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Market Plunge Upsets Firms' IPO Plans

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Securities: Many public offerings were completed the next day; others face longer delays.

October 30, 1997|DEBORA VRANA | TIMES STAFF WRITER

When a financial storm crushed Beringer Wine Estates Holdings' plan for a stock offering on Monday, anxious executives found solace in the winery's best reserve.

"There's nothing like a fine bottle of Beringer to help ease the pain of the markets," said Kurt Mobley, an investment banker with Goldman, Sachs & Co., the firm leading Beringer's first-ever stock deal. "We had a lengthy dinner and drank several bottles."

Beringer successfully got its deal done the next day, but a record-setting market plunge on Monday temporarily unnerved several California companies like Beringer, scheduled to go public for the first time. By late Tuesday and Wednesday, many companies were finding Wall Street more welcoming, although several deals are still being delayed.

"We have a bit of cherry-picking going on, with only good deals able to come right now," said David Menlow, president of IPO Financial Network Corp., a data tracker in Springfield, N.J. "Those of questionable support may be quietly pushed back week to week."

So far this week, no deals have been completely canceled or formally postponed, but some were placed temporarily on hold or delayed a few days or weeks, analysts said.

On Village Communications, a Calabasas-based Internet company, will delay a $9.5-million IPO scheduled for Tuesday until at least next week because of market turmoil, executives said.

"We had so many issues to deal with--the collapse of the market was something we didn't expect," said Bill Rossi, chief financial officer at On Village, which is developing an online national yellow pages directory. "It hit us out of the blue."

Eleven more companies nationwide are scheduled to price IPOs this week, raising a total of $482 million, according to CommScan, a New York data firm. Some 204 companies are on track to go public by the end of the year, raising a total of $9.49 billion, CommScan said.

Last year was a record year for IPOs, but this year activity is expected to be slower. During the first quarter of 1997, few companies went public because of market volatility, but the pace began to heat up again in May and has been strong since then.

Executives at Steri-Oss Inc., a Yorba Linda-based dental company, spent Wednesday on the East Coast talking to investors about their company's planned $75-million initial public offering, and investment bankers still were not clear whether the deal would get done as planned.

"We haven't decided yet," said David L. Dennis, an investment banker with Donaldson Lufkin & Jenrette, the firm taking Steri-Oss public. "Things were difficult on Monday, better by Tuesday and firmer today. We'll see."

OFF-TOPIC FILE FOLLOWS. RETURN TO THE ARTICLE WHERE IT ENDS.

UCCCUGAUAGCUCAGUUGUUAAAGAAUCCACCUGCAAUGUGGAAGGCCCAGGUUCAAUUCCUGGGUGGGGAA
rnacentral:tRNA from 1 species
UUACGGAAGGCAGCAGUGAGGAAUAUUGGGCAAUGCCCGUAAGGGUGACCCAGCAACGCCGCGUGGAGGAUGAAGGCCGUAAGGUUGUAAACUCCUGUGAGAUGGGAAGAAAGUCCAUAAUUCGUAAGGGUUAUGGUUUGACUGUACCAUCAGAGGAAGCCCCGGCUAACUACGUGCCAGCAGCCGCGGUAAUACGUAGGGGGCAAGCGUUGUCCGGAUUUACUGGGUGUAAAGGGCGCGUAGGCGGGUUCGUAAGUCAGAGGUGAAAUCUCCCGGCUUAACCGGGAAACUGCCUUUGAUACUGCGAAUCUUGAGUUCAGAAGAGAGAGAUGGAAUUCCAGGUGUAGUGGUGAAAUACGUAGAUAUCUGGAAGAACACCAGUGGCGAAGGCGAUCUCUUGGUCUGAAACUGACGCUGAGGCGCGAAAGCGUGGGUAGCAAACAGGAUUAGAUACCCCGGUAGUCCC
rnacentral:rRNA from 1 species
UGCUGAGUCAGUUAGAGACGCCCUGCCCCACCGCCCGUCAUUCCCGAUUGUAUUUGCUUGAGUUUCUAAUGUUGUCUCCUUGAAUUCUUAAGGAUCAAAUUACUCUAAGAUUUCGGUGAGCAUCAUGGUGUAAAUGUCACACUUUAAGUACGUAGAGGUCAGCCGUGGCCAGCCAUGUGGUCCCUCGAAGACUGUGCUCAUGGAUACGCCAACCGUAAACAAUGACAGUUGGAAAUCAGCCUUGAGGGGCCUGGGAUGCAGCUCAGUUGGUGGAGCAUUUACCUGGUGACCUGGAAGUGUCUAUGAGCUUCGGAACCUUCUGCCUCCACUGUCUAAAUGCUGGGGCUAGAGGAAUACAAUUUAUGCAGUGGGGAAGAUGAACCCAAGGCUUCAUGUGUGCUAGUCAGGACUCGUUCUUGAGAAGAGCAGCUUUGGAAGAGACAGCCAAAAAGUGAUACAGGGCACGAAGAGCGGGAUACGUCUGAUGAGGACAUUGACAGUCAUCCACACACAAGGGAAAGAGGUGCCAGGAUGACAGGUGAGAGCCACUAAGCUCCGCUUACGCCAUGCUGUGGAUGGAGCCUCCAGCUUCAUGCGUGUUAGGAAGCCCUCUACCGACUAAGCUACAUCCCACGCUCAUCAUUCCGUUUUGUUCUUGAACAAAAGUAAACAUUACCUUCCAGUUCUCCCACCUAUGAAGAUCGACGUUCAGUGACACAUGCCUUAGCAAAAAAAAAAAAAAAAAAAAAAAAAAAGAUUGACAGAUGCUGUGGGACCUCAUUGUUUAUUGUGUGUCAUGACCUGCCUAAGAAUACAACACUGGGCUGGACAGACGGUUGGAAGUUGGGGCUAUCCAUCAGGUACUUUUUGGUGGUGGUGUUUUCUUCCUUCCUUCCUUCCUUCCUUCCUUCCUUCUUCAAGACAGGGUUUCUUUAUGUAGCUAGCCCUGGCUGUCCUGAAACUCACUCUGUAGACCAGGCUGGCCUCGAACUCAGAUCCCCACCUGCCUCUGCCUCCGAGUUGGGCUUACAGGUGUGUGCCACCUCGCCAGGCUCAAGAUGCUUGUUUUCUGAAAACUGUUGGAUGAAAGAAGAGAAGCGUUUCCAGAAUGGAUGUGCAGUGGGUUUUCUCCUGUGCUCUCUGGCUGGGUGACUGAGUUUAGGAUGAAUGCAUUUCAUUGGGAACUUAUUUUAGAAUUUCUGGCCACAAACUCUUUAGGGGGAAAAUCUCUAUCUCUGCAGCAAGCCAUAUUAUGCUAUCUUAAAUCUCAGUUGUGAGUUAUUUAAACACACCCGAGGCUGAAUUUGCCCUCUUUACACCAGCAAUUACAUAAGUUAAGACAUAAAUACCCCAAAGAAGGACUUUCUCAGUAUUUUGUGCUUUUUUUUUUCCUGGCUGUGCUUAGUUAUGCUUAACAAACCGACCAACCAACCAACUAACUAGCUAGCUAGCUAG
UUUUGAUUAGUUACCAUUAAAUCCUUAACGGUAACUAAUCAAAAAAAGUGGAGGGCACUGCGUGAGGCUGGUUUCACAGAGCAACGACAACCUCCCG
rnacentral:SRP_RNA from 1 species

At Beringer's headquarters in St. Helena on Wednesday, one employee said it felt like they had "been through the wringer" but were pleased to watch the company's stock price rise on Wednesday.

On Tuesday night, Beringer successfully priced its IPO, raising about $117 million by selling 4.5 million shares to the public at $26 a share.

Beringer's shares rose 25% in its first day of Nasdaq trading, increasing $6.50 a share to close at $32.50 a share.

Pricing is key to the success of an IPO, and volatile markets can mean executives might not get the best price for their companies when they sell to the public.

"Bankers are being more vague about exactly what day deals will be priced. That's because if a market starts going down, it can completely change the pricing, and you don't want to be fixated on a certain day," said Henry Taibo, an analyst with CommScan.

Recent market volatility doesn't seem to have affected IPO filings with the Securities and Exchange Commission, which were still numerous this week, Taibo said. That means many companies are still eager to go public this year, he said.

American Residential Investment Trust, a mortgage real estate investment trust based in Del Mar, was able to go public Wednesday morning at $15 a share, raising $104 million for the company. MMC Networks Inc., a communications company in Sunnyvale, was also able to complete its deal, with high demand on Tuesday night, raising $28 million.

"It is so nerve-racking--we didn't expect this," said Paula Jones, an MMC spokeswoman.

One of the biggest and most closely watched California IPOs this year is a $269-million offering for Metro-Goldwyn-Mayer Inc., the Santa Monica-based movie and television studio, known for producing the James Bond movies and films like "The Birdcage" and "Leaving Las Vegas." The deal is expected to be sold during the second week of November, and the company is going ahead with its roadshow.

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